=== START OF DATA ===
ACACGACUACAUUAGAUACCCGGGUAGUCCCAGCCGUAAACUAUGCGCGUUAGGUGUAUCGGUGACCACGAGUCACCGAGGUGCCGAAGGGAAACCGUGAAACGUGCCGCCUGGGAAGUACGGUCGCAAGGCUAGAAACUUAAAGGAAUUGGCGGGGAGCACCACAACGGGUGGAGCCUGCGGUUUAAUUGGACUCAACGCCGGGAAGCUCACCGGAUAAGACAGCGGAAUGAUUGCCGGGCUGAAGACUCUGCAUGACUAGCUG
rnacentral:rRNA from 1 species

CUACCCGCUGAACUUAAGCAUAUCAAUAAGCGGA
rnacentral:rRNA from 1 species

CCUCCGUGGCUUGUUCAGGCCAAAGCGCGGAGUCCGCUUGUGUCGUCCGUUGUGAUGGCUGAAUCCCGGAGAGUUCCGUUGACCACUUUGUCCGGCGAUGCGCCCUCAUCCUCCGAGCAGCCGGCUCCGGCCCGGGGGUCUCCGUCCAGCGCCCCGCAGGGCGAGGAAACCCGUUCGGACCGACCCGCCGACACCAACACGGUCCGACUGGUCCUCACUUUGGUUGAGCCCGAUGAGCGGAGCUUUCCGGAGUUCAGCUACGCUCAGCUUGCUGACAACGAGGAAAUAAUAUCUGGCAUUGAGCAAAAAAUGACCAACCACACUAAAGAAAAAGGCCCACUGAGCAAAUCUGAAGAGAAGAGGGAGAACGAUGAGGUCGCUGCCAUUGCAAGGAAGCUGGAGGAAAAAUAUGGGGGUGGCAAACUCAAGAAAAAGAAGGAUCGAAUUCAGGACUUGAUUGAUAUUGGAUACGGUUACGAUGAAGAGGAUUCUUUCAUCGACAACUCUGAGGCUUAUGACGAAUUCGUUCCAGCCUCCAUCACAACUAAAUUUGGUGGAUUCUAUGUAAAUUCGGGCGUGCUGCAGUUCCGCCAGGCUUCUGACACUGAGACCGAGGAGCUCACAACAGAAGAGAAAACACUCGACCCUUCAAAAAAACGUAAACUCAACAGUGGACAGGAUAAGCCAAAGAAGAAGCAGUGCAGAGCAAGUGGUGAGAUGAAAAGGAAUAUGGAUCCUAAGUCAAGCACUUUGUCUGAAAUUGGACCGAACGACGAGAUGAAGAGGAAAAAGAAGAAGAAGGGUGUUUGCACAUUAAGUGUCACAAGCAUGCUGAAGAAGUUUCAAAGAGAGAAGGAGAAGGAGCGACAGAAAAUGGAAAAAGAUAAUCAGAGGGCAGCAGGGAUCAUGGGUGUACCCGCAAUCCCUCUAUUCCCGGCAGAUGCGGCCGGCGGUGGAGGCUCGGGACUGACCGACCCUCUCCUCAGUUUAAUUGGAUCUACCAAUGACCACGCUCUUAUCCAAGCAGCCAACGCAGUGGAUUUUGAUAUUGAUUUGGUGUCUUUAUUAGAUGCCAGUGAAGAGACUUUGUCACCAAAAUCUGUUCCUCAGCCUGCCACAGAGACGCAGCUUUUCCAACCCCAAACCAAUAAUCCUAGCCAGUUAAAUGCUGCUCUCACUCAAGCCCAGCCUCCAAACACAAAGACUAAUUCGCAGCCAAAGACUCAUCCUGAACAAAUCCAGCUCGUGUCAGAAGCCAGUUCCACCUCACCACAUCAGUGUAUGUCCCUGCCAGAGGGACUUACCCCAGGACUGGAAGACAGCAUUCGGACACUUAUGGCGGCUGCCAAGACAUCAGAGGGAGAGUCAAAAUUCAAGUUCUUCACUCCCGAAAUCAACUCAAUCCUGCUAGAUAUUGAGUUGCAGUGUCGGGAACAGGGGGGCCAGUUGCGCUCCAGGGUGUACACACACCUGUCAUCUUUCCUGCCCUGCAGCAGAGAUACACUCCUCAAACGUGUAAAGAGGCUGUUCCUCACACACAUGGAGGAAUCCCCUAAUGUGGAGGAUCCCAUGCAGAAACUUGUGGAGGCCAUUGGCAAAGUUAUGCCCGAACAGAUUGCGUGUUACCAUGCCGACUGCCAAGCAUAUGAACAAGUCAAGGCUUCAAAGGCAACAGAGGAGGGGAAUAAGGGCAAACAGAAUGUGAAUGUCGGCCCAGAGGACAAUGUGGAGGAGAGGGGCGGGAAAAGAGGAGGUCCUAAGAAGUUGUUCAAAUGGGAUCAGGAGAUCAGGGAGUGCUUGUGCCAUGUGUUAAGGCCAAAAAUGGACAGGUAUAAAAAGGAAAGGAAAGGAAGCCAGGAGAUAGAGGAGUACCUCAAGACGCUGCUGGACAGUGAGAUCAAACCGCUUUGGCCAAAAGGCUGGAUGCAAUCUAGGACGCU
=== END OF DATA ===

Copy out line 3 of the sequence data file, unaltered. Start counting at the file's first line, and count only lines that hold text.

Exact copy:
CUACCCGCUGAACUUAAGCAUAUCAAUAAGCGGA